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A More Detailed Example

### A More Detailed Example

One of the reasons for using the L(,) and G() functions is to hide variables from the users of your equations. A more practical use of the L(,) function is to solve for more than one variable at a time. It also gives you a way to impose your own order on the items listed in the variable menu. Probably the most important function of L(,) is to save keystrokes by entering complex expressions. To see how you can impose order in the variable menu and save keystrokes, consider the formula listed below.

The formula comes from the pages of the HP-41C Users' Library Solutions: Business Stat/Marketing/Sales. It describes the relationship between manufacturing costs of an item and the knowledge/ experience you have gained about the manufacturing of the item. I'll paraphrase the problem.

Typically, production costs drop as more of an item is produced. This is because experience is gained and the production process becomes more efficient. The relationship between production cost and efficiency gained through experience can be given as:

Cost of Nth Item =

Cost of 1st x Units^(log LmF/log)

"Units" is the number of the items produced and "LrnF" is the "learning factor", a measure of experience gained in the production process.

Similarly, the average cost of producing any number of items is:

Avg Cost = [Cost of 1st / (Last-First)] x [Last^(B+1)-

First^(B+1)] / B+1

Where B = Log LrnF / Log 2 and "Last and First" refer to the numbers of the items. This formula could find the average cost of producing items #500 through #3000.

There are certain limitations to this formula. The average is a first approximation. Small values of "Last-First" may give inaccurate results.

To get these formulas to come to life, enter Solver and use <Down Arrow> to move the highlight bar to a blank line at the bottom of your Solve Catalog. Press F2 to get to a blank Solver editor screen and then key in the first equation.

Cost_Nth=

Cost_1st*

Units^

log(LrnF)/log(2)

There's nothing in the book that says you have to write the formula all on one line. Press a Tab, not <ENTER>, after each line above. When you've finished with the last line, press <ESC> or <ENTER> to end the editing session. Then press F9 and you should see the items listed as

Cost_Nth =

Cost_1st =

Units =

LrnF =

Now suppose I wanted Cost_1st to come before Cost_Nth. I would press <ESC> F2 and add a line to the beginning of the equation.

0*Cost_1st+

Cost_Nth=

Cost_1st*

Units^

log(LrnF)/log(2)

This subterfuge of adding 0*Cost_1st doesn't change the nature of the equation (0*Cost_1st=0). However, it does change the order of items in the variable menu.

Before pressing <ENTER>, modify the last line of the above equation so that it reads L(B,log(LrnF)/log(2)).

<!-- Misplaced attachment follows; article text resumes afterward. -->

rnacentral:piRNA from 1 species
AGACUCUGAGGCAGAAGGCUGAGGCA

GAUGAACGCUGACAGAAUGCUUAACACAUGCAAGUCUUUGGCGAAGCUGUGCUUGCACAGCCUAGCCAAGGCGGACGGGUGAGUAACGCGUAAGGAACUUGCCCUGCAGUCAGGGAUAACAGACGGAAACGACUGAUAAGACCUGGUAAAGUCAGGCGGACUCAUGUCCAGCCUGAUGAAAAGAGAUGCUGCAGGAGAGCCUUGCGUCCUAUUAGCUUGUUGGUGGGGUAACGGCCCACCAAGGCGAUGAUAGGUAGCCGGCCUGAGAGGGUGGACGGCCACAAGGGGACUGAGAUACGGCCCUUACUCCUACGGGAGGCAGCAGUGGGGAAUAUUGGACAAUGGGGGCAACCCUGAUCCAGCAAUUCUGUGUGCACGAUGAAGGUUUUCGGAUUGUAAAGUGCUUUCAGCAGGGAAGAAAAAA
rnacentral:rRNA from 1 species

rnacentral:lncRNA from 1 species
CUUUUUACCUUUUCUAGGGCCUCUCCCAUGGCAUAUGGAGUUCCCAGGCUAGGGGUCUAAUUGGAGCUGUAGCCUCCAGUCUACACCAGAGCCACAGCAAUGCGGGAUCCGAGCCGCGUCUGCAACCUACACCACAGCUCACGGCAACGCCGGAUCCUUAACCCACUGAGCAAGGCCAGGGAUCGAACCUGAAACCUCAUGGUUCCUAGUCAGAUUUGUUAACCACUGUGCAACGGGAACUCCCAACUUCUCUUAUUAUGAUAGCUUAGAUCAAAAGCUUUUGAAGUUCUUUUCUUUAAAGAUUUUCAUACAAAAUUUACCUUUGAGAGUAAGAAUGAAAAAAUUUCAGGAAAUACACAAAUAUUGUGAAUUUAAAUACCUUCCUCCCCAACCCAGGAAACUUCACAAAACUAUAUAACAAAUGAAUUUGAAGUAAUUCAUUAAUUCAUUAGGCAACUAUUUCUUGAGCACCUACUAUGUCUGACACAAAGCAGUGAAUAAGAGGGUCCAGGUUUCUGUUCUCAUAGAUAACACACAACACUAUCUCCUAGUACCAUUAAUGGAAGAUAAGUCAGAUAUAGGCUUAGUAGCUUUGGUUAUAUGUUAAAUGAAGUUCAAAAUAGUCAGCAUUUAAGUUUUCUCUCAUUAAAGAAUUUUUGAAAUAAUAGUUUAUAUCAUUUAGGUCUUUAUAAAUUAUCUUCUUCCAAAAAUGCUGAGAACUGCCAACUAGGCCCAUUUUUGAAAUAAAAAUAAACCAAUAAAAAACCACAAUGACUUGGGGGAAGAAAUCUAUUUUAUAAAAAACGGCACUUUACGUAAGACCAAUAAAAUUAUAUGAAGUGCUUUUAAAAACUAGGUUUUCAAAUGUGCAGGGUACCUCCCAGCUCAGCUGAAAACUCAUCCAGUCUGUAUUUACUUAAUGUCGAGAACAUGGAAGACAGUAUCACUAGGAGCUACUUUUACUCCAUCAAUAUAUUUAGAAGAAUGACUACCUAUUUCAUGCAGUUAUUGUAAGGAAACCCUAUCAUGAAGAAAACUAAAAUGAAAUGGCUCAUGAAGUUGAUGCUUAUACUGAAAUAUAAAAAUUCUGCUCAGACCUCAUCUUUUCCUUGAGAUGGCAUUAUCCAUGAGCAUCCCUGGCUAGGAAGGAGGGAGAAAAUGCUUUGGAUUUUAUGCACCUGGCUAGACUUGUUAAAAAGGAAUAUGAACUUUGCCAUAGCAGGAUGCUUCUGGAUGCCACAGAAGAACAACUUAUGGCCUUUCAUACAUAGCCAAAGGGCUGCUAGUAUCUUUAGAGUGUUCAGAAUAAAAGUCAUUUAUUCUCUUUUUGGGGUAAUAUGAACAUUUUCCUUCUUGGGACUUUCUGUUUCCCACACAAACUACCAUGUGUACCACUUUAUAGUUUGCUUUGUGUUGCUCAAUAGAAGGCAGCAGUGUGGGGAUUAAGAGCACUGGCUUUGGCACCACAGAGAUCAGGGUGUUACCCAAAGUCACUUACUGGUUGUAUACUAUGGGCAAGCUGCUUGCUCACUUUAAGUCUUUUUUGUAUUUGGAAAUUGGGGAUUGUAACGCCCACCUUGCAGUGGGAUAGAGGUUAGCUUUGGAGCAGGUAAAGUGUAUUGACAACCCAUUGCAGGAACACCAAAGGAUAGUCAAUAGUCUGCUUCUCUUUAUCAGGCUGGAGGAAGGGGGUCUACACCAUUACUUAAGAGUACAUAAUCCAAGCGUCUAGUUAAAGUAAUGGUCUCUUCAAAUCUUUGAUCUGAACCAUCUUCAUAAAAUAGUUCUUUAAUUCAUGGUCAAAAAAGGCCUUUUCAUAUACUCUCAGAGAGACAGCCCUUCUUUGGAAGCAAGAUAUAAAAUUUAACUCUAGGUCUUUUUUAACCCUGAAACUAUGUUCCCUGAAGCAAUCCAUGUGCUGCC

This use of L(,) does not change the equation. It merely gives to the variable "B" the result of log(LrnF)/Log(2)." This will save us some keystrokes later.

Now press <ENTER> F9 (Note: "B" does not appear in the list). Press <Down Arrow> to get a blank editing line. Start typing Avg_Cost and the editing screen appears automatically. Key in the equation below.

Avg_Cost=

Cost_1st/

(Last-First)*

(Last^(G(B)+1)-

First^(G(B)+1))/

(G(B)+1)

Since we don't want "B" to appear in the list, we have to wrap it up in the G() function. Note how our earlier use of L(B, ...) saved us a lot of keystrokes in this equation. Each time we want log(LrnF)/log(2), all we enter is B.

We now have two equations. If we want only one equation that solves for every variable we can rewrite the first equation as follows. Insert + 0*First+ 0*Last at the tail end of the first equation to force Solver to put these variables in the list where you want them. Then insert the second equation, but change the first phrase in the second equation from Avg_Cost= to +0*L(Avg_Cost,. Finally, add the phrase + 0*Avg_Cost at the end to make this variable appear in the list. The equation will look like this in the Solve Editor (this equation in LRNCRV.EQN *):

0*Cost_1st+

Cost_Nth=

Cost_1st*

Units^

L(B,log(LrnF)/log(2))

+0*First+ 0*Last

+0*L(Avg_Cost,

Cost_1st/

(Last-First)*

(Last^(G(B)+1)-

First^(G(B)+1))/

(G(B)+1)

+0*Avg_Cost)

To make the modifications, I recommend using MEMO. First save the File as LRNCRV.EQN (press <MENU> File Save, type in LRNCRV and press <ENTER>). Then use MEMO to edit the LRNCRV.EQN file.

It's far easier to edit an EQN file with a text editor than to try to do the same thing in the Solver Editor. Finally, save the file and quit MEMO.

[Editor's note: The case in the G function seems important. When I entered Ed's equation using G(b) rather than G(B), it did not perform properly -- Hal.]

Return to Solver and press <MENU> File Retrieve to activate the revised file. Then press F9 and see the following:

Cost_1st =

Cost_Nth =

Units =

LrnF =

First =

Last =

Avg_Cost =

The numbers on the right side of the equal signs will be meaningless.

To solve an example problem, set the following:

Cost_1st = 975.00

Cost_Nth = 643.00

Units = 100.00,

First = 1.00

Last = 100 Both First and Last cannot = 0.

The above figures indicate that the cost of producing the first item was \$975, the cost of the 100th unit was \$643, and the number of "units" was 100. Highlight LrnF = and press <Space Bar>. You should see 0.94. (This assumes that you have pressed <MENU> Options Format Fix 2 from within HP CALC.)

Now find the average cost of producing items 1 through 10,000. Set First=1.00 and Last=10,000.00. DON'T try to solve for Avg_- Cost. (It won't work.) Highlight LrnF again and press <Space Bar>. Note that Avg_Cost magically reveals the amount of 466.13. L(,) solved for two variables at the same time.

Finally, to find the cost of the 10,000th item, set Units=10,000.00. Then highlight Cost_Nth and press <Space Bar>.